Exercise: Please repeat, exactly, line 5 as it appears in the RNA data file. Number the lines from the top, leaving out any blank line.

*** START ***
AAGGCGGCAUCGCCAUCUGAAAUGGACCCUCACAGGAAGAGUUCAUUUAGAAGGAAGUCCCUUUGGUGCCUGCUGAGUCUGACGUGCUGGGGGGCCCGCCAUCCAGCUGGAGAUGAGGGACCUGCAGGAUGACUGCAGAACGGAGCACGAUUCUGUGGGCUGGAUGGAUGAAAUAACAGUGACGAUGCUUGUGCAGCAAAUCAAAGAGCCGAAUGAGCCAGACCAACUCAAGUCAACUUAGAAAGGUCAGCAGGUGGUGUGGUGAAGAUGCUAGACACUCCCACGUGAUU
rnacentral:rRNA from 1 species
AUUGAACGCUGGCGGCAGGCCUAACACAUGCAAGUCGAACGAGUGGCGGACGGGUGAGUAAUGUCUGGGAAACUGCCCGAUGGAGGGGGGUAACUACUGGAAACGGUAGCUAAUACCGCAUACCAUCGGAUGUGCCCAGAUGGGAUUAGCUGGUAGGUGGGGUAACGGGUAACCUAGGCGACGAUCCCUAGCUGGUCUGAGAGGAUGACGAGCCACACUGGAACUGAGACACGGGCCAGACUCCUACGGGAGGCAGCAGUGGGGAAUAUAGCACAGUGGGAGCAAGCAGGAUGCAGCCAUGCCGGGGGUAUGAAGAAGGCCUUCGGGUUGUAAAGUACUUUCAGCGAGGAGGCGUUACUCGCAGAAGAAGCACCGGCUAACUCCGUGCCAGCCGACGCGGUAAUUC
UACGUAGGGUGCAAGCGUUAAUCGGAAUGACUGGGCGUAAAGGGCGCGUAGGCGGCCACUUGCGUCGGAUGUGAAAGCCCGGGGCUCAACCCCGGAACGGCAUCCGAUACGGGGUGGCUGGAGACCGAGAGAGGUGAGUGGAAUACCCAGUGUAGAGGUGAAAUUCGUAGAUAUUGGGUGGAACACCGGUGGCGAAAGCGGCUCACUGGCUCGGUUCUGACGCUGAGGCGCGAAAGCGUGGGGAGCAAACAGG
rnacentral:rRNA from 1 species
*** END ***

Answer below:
rnacentral:rRNA from 1 species